What state ownership of IL&P will mean for you
Published 30/03/2011 | 05:00
THE State looks set to take majority ownership and full control of Irish Life and Permanent (IL&P) following the stress tests of banks. So, what effect will this have on customers?
Q. I have a mortgage with Permanent TSB. What will happen if the State takes control of the company?
A. Nothing in the short term. You will still have to make your agreed monthly repayments, whether you have a tracker, variable or fixed-rate mortgage.
However, the move might actually be good for mortgage customers. This is because the lender has been very aggressive in pushing up standard variable rates and fixed rates for its customers.
Earlier this year the lender imposed a full 1pc hike in the variable rate for existing customers, pushing the rate to 5.19pc. This is one of the highest in the market.
It has also closed off the option for fixing for existing customers.
Being state controlled might mean the lender is less inclined to push through such aggressive mortgage hikes.
But you will still have to meet your repayments, and the best advice is to contact the bank if you are having trouble paying your residential mortgage, or your buy-to-let mortgage.
Q. I have savings with Permanent TSB. Will I be impacted?
A. The development will have no effect on depositors. Depositors will continue to be covered by the State guarantee.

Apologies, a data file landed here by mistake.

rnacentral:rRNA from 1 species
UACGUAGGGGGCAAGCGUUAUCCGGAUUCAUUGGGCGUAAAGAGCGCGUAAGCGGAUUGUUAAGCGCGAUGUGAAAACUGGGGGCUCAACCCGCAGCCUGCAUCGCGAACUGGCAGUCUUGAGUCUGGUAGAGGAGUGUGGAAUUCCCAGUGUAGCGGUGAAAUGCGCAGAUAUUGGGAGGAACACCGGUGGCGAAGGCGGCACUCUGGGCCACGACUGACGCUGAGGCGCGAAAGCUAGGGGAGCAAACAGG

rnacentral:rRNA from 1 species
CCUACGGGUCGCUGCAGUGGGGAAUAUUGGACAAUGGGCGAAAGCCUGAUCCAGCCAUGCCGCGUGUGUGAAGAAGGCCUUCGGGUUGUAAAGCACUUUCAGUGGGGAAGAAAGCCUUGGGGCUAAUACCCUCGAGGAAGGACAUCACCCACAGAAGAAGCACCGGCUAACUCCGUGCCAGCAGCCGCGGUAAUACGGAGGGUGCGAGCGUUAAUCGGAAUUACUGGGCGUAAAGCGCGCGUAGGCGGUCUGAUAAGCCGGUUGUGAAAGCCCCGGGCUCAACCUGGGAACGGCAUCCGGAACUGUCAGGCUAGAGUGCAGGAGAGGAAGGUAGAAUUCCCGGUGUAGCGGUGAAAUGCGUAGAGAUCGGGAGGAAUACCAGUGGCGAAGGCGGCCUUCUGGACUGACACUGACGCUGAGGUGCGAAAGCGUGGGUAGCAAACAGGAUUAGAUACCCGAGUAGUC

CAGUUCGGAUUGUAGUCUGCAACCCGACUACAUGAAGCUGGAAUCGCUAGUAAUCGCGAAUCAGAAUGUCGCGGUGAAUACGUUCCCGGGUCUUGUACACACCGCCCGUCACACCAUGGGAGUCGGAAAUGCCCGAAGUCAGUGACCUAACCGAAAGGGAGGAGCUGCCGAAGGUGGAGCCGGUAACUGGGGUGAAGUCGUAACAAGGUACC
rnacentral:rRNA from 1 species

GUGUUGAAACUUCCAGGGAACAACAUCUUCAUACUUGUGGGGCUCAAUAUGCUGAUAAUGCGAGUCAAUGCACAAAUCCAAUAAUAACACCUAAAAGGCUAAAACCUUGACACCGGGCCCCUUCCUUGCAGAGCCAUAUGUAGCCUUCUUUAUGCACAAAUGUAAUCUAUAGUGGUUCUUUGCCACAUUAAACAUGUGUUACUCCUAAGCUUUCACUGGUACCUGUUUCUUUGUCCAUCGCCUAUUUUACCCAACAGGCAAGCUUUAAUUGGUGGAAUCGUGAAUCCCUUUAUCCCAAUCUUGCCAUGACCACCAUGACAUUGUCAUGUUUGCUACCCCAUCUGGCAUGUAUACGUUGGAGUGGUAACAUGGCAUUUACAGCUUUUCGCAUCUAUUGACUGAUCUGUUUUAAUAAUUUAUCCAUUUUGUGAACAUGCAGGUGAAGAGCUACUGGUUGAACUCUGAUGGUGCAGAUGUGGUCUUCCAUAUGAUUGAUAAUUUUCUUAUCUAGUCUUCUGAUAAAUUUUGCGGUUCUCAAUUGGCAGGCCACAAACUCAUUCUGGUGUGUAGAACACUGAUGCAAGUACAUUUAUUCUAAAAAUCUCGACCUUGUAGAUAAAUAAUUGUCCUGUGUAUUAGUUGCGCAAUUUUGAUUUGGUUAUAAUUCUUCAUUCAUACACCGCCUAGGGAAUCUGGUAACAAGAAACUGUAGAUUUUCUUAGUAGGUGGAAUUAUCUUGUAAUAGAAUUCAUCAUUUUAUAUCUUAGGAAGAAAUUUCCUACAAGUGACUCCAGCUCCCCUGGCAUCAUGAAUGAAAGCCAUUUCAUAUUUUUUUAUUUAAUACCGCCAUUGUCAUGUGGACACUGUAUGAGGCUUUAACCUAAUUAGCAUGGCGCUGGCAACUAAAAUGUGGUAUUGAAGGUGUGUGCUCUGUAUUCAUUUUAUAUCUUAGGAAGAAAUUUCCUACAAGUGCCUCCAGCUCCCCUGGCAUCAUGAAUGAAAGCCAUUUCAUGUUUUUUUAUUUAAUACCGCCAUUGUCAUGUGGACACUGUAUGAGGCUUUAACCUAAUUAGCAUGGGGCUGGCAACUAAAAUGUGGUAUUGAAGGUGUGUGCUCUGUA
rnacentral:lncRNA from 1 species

The bank has some very high deposit rates. Its Interest First account pays 3.32pc for amounts over €10,000. The money has to be left on deposit for six months and the interest is paid in advance.
Q. I was an Irish Nationwide customer whose account was transferred to Permanent TSB. What is my situation?
A. Permanent TSB took over 160,000, mainly retail, deposits from Irish Nationwide. It said it would honour the terms and conditions of the savings accounts that had been placed with it.
The State will now ensure those conditions are honoured.
The Government said at the time of the transfer last month: "Customers of Anglo and Irish Nationwide Building Society should be reassured that their deposits remain protected under existing government guarantee arrangements."
Q. What does State control mean for shareholders of Irish Life & Permanent?
A. The news is bad here. Shareholders will get wiped out, basically. A rump of the shares in issue will likely still be listed on the Irish Stock Market, but they will be essentially worthless.
When Anglo Irish was nationalised at the start of 2009 the then-Government talked about compensating shareholders, but nothing has happened since.
Q. I have a life policy with Irish Life. Is it safe?
A. Irish Life is healthy despite the challenging economic climate. The Central Bank regulates insurers in Ireland, and the solvency standards are driven by European Union regulations.
There is no suggestion that Irish Life's solvency is a problem. Your policy should be fine.
The life company has been pulled down by the loss-making bank. This is essentially because the banking arm, Permanent TSB, is losing €380m a year on tracker mortgages.
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